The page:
It was Aubert de Villaine, the co-owner of Domaine de la Romane-Conti, who first sowed the seeds of rebellion in the mind of Becky Wasserman. Aubert had dinner with us a lot,' she says, and he said, "What is so marvellous about you, Becky, is that you wash glasses so beautifully".' The trouble was, it was true. Wasserman had arrived in Burgundy in 1968 with her then husband, Bart, her mother and her two infant sons. Bart was a painter, drawn to Burgundy because someone had said the light was marvellous. Her mother came along because she didn't want to be left alone in the United States; she was Hungarian, had been a prima ballerina in her day and spoke French using only the infinitive. They must have added to the local colour, regardless of the light. Bart was a great collector of Burgundy, but Wasserman herself was only involved peripherally. At my first tasting I got smashed, because I didn't realise you had to spit. My mother was horribly shocked.' But her peripheral involvement certainly extended to washing and drying glasses, and the planting of that seed of rebellion meant that when Jean Franois of coopers Franois Frres - they lived near to each other - suggested to Wasserman that she might consider selling a few barrels, she said yes. I had never sold anything in my life, but the prospect of being financially self-sufficient was an attractive prospect by then.' She wrote letters and the boys, no longer infants, addressed the envelopes, and a few key people, notably Dick Graff at Chalone and Andr Tchelistcheff, proved helpful. Franois made her miniature barrels to show people; the first time she travelled with them she put them in the back of the car and it ended up smelling more of Marlboros than of Nevers or Alliers. Nevertheless, she sold some. The business financed trips, so that she could take round a small list of estate-bottled Burgundies and Champagnes as well. Suddenly, I had a number of little jobs, like selling the Troisgros label in the US, and a list of domaine-bottled wines from France - and because I didn't know what rejection meant, I kept knocking on doors.' It took about five years to get established - not long in retrospect, perhaps, but, she says, it felt like an eternity at the time'. Robert Joseph got to know her at this point, having avoided her for about three years, put off by the eulogies of every American he happened to meet. Becky Wasserman, he was told, in almost every accent from East Coast to West, knew everything there was to know about Burgundy. It was only when a grower told him the same thing that Joseph rang her; and then she was slightly chary of meeting him, because she and her husband had known an artist called Peter Joseph, who in an epileptic fit had attacked one of them with a knife.

Italian gangsters and French truckers Joseph also tells of Becky travelling in the US, and being met at an airport by an assortment of Italianate gentlemen with bulging jackets, who informed her that Big Louis (as it might be) controlled the liquor trade in that town, and that Big Louis didn't much care for her busting in on it. She worked for about five years with broker Christopher Cannan of Europvin, who describes her as very dynamic and very good at PR. She built up a network of contacts, partly through her husband and partly on her own account, and especially in the US. She started something that nobody else was doing in Burgundy - we were doing it in Bordeaux, and we had a very successful partnership, while it lasted.' Economic conditions and the demise of a US customer brought about its end, but it was Cannan who, among other things, taught Wasserman how to group barrels and bottles into the same container: a mundane but vital piece of information. It had been difficult until then, because the paperwork was so enormous,' she says. Nobody wanted 150 barrels: they wanted three, or eight. It was the same thing with small domaines. Learning the mechanics of that was crucial.' So was learning how to deal with truckers. A French trucker is not allowed to load a truck. So if there's only a granny and a four-year-old at the domaine, you've missed the pick-up.' At some point along the way, Becky Wasserman, painter's wife and washer-up-in-chief, had metamorphosed into Becky Wasserman, broker. Now there are six people working at Le Serbet, her house-cum-office in the hills behind the Cte d'Or, with Wasserman and her second husband Russell Hone, and she's working with about 80 growers at the moment, from all over France. I solicited shamelessly,' she says of her early days; now they come to us. People know what we like. We have no fixed style; the joy is the incredible variety. We have a tendency to like old vines and an expression of terroir. It's easy to disguise the origins of wines these days, with too much oak or extraction. I get very disturbed when I can't tell what country a wine comes from. If we don't like it, we can't sell it,' she says. We've turned down some bread-and-butter opportunities - perhaps we've been too strict, but the wines didn't turn us on. What we want from a grower is attention to the vineyards - that's the basis of everything. The cost of getting a neglected vineyard back into shape is enormous. We're not interventionist: I would not pretend to know enough about how to vinify. It's best if things are pretty much in hand. And we're drawn to honesty. We get along better if we don't feel you're doing it just for monetary reasons. It's not a purely financial thing to do.'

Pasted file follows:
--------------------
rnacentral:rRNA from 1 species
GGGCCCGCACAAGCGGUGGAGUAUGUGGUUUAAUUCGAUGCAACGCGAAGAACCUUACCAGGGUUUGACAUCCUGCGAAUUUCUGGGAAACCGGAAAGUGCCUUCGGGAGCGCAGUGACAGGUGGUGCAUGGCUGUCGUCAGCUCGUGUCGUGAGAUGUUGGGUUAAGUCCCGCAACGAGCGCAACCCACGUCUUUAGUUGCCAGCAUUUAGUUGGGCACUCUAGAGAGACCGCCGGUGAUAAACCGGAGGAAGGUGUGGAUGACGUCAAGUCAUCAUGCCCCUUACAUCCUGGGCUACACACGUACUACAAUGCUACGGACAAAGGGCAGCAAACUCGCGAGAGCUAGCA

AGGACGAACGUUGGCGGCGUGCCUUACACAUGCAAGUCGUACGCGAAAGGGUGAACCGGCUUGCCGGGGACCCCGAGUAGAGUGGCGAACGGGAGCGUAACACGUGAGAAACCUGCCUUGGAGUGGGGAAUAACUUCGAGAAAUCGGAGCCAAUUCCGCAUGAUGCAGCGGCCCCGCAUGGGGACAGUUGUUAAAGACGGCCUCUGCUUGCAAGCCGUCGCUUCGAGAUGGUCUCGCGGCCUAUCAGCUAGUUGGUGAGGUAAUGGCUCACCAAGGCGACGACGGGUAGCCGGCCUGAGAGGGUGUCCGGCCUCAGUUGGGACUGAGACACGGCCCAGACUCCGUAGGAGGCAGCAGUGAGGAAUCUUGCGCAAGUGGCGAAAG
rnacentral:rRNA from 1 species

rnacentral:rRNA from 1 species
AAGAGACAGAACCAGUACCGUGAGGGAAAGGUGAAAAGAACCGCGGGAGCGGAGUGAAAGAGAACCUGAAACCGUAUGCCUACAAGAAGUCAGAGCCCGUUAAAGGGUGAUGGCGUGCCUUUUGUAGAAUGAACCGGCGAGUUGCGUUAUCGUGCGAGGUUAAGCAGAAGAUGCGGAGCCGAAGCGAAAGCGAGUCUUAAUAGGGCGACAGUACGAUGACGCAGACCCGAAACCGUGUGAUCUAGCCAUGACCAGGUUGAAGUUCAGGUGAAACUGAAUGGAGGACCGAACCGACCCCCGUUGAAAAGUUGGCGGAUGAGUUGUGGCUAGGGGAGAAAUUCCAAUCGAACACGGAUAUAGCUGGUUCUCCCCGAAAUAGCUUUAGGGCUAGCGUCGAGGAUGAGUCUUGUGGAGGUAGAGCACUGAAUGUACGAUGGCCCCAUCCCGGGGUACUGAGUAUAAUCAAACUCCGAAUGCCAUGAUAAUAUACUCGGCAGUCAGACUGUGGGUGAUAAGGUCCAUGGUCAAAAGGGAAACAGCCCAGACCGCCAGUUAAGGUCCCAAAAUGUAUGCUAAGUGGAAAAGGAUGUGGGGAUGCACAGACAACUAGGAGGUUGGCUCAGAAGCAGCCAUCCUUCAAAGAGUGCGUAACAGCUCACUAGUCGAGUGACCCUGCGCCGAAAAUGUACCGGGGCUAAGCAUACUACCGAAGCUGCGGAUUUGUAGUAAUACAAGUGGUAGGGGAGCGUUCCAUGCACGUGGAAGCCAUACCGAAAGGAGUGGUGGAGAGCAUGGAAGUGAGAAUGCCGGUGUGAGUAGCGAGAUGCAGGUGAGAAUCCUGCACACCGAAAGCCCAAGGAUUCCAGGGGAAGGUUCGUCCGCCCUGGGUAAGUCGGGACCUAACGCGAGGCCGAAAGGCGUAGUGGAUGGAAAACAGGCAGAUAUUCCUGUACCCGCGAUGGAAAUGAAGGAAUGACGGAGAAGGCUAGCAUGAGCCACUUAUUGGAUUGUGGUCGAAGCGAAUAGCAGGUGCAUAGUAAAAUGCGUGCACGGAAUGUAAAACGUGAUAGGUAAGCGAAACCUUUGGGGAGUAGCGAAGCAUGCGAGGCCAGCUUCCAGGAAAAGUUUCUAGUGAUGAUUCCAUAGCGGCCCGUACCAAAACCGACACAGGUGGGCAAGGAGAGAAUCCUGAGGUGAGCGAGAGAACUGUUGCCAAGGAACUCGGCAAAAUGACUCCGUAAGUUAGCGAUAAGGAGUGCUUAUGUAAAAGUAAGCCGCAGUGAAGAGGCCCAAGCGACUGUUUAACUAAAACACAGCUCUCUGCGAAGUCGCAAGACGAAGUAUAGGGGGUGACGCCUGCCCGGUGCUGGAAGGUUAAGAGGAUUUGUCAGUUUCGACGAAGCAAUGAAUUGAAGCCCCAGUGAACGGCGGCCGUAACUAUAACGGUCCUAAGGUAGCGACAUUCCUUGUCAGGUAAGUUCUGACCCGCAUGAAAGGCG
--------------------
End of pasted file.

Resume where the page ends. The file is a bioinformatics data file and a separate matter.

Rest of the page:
Men are like trains' If Wasserman herself had put monetary reasons more to the forefront, she might not now have what she describes as the financial worries of a 30-year-old'. She's stood by growers when some of her customers have gone bust, which as a broker she didn't need to do,' says Joseph. She's had to recapitalise the business twice, after bankruptcies and non-payment in the US. (Turnover is around FF20 million a year; FF28 million was the most, at the height of the boom. Sixty per cent of her market is in the US.) Now we're more ruthless if we sense anything going wrong,' she says. When we met, she was in litigation with one of her newer producers, who sold us poor wine. So we stopped all sales, and informed everybody.' In 25 years she says she's had to go to law seven times. One source also suggests that growers have occasionally been less loyal to her than she has been to them, once they have made their name with her help. She is cautious on this subject: sometimes there can just be a seven-year-itch'. But then, she says, men - and, one might infer, growers - are like trains: there's always another one behind. And there are people I've had for over 20 years, like Denis Bachelet. We started to work with him when he was 16 years old.' Now, however, Wasserman has a new job - as well as, rather than instead of, her existing one. She has become MD of Camille Giroud, and will divide her time half and half between the two. Camille Giroud is a merchant company with about one hectare of biodynamic vineyard, and Wasserman had sold its wines for 11 years. It was about to disappear, not least through apathy, and Wasserman's task is to turn it around: We don't expect to make huge profits right away, but we don't expect to lose money, either,' she says. It's one of the last two shipping companies that make traditional vins de garde: there are stocks for sale back to 1937. The management of that cellar is fascinating. And the people who bought it have invested in new equipment, so it's become efficient and not hampered by 20- or 30-year-old equipment.' The new owners are all from Goldman Sachs and are all Burgundy collectors. Wasserman intends to sell the wines more aggressively than they were sold in the past, but there are only 4,000 cases a year to be aggressive with. We're beginning to get good enough grapes,' she says, and a new team is being put together. The structure will, it seems, be modelled on Le Serbet, where there's a decent kitchen and everyone eats in every day, everyone gets on and we profit-share when we can. When I worked in the US I was so badly treated by employers that I was determined to run my own company differently.' And there is, one might infer, a glass-washing machine.